Only a few days to go: We’re raising £25,000 to keep TheyWorkForYou running and make sure people across the UK can hold their elected representatives to account.Donate to our crowdfunder
My Lords, our concern is to ensure as far as possible that the cap ends in 2020. Many people are unconvinced of the value of price caps, which are against most economic theory and can have unintended consequences. There is also a strong consensus that the cap should be temporary, as we discussed in Committee and as the Energy Minister, Claire Perry, noted in the Commons. Moreover, a price cap where the case is strongest already exists. This covers prepayment meters in 4 million households and 1 million vulnerable consumers following action by Ofgem. This in turn followed recommendations by the CMA, which did not favour an overall price cap.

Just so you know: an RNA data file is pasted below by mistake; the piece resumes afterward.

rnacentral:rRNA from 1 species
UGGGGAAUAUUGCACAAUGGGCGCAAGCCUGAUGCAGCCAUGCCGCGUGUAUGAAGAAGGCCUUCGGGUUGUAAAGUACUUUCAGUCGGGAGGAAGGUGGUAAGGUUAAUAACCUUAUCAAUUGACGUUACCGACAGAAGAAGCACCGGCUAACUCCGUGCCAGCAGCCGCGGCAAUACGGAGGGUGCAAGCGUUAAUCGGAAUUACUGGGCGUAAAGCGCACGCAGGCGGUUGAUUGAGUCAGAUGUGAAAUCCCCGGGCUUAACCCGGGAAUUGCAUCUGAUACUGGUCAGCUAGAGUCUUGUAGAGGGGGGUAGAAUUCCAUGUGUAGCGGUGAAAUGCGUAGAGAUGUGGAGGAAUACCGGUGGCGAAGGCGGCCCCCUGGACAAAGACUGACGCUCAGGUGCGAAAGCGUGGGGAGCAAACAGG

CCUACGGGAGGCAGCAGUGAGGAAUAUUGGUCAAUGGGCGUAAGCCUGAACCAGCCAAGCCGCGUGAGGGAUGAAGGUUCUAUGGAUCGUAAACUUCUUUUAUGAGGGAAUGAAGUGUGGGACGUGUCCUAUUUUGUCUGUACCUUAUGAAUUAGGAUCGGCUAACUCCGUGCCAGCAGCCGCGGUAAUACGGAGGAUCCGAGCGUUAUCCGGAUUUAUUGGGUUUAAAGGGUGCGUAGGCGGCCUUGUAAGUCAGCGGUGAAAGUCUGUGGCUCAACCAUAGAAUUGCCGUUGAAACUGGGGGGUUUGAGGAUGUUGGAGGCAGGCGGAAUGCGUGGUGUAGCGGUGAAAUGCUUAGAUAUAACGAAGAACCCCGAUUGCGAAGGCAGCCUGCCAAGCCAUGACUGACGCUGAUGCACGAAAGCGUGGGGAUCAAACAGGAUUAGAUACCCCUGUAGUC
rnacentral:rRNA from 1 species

A number of us are also concerned that the tariff cap could have an adverse effect on competition. Its existence might prevent or deter Ofgem or the Secretary of State from finding that the conditions for effective competition are in place and so the cap would have to be extended in 2020, frustrating the purpose of the discretion in the Bill. BEIS officials have helpfully suggested that this is not a risk. They know that the cap might in practice damage competition and say that the judgment to be made is that the Secretary of State considers that the conditions are in place for effective competition for domestic supply contracts—not that effective competition is in place.
Has the Minister been able to think further about these matters and how to respond to my amendment, which I am retabling following the helpful discussion in Committee and his helpful comments about the direction of travel on the cap? Can he agree that the cap will end in 2020, all being well; and, given the concerns expressed by many distinguished industry experts, which I have sought to summarise, can he also confirm on the parliamentary record the BEIS interpretation of the conditions for any extension? I beg to move.